You’re off into the majestic outdoors for a day of exercise and relaxation. You’re taking your camera along and you’re hoping to get some great shots in a beautiful natural setting; nature is a wonderful source of inspiration. Here are 3 tips how helping you create better outdoor photos.
1. Photos of people
Can you add a person to make your photo more interesting? There’s no arguing against it – people just love looking at photos of people! Composing an outdoor photograph with a person in it can add another dimension and level of interest to the shot. I’m not necessarily talking about sticking your friend smack bang in the middle of the picture.
Consider composing your photo with someone to the side. The person in the photo does not have to be the primary subject of the shot. Instead they can provide scale and human interest to what might be an otherwise lonely outdoor scene. Adding a person to the shot can add another element of interest that draws the eye of the viewer deeper into the photo.
If you’re a keen hiker then you’ve probably felt humbled by a grand, mountainous vista. There’s something deeply satisfying about standing on top of a mountain – you truly feel on top of the world. Capturing this emotion and achievement in a photo can be much more difficult though. If you add a person to your picture then you add a sense of scale to your shot.
Everyone has a good idea of roughly how big a person is and if they see a human being dwarfed by a mountain range then the picture can leave that much more of an impression on the viewer.
2. Straight horizon
We’re used to seeing the horizon as a straight, level dividing line, unless of course you’re rocking and rolling on a boat at sea! So, it is worth considering the horizon when you compose your panoramic image and checking to make sure you’ve got it nice and level. You can adjust this in post-production by using the crop function if you didn’t quite nail it the first time in camera.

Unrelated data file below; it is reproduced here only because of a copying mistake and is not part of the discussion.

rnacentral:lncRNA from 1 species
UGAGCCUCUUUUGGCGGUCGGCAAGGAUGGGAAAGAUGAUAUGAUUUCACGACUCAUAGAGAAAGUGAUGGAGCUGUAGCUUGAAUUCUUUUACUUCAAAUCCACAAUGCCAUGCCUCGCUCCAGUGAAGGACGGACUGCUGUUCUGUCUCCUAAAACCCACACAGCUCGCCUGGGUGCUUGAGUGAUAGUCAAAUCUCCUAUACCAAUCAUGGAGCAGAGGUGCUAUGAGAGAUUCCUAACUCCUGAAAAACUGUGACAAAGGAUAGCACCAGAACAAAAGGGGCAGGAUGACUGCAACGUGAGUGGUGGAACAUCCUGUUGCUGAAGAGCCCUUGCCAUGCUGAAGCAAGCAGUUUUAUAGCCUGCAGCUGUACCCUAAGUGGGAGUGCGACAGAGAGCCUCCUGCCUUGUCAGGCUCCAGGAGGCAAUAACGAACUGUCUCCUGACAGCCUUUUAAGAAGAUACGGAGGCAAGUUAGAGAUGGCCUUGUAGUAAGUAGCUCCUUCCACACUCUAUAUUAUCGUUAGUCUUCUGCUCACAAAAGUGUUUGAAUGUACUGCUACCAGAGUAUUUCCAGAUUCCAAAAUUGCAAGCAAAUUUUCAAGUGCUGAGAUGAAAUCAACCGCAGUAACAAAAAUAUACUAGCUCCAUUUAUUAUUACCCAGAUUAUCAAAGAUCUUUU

This is definitely a rule you can break, but if you don’t do it well you may leave your viewer tilting their head and pondering what it is about your photo that bothers them.
Think about putting your horizon line off-centre in your photo too. For example, if you place the horizon line in the top third of your image you can draw emphasis to the ground, or land/sea portion of your photo. Composing your landscape photo with the horizon line running across the centre of the picture can lead to a flat and underwhelming image.
Which photo do you prefer?
3. Have fun with your photography
Are you enjoying the outdoors and having fun with your photography? If you’re having fun taking photos, it’s bound to show in your final results. Take photos of the things that interest you – maybe it’s the flora, birdlife, sunsets or distant snow-covered mountain peaks.
Have a go at capturing the action. It’s not always easy to get the shot first time or as it happens. But it is okay to say to your friend, “would you mind stomping through that mud one more time? I’d like to have another go taking a photo of that!”
Photographs of you cooking on a campfire, wading through a river, pitching a tent and bathing in a hot pool can all add interest to your outdoor online album. A repetitive series of selfies with varying landscape backdrops is bound to drive your friends bonkers.
The list of possible photo opportunities in the outdoors really is endless so get creative and mix it up. Try to capture a mix of landscape and macro perspectives, and look for ways to inject emotion into your images. Most of all - have fun giving it a go.
Also, go in and read, photo competition 2018 here you can see how the photos have similar composition. You can also, read the interview with Thomas Quan for some inspiration.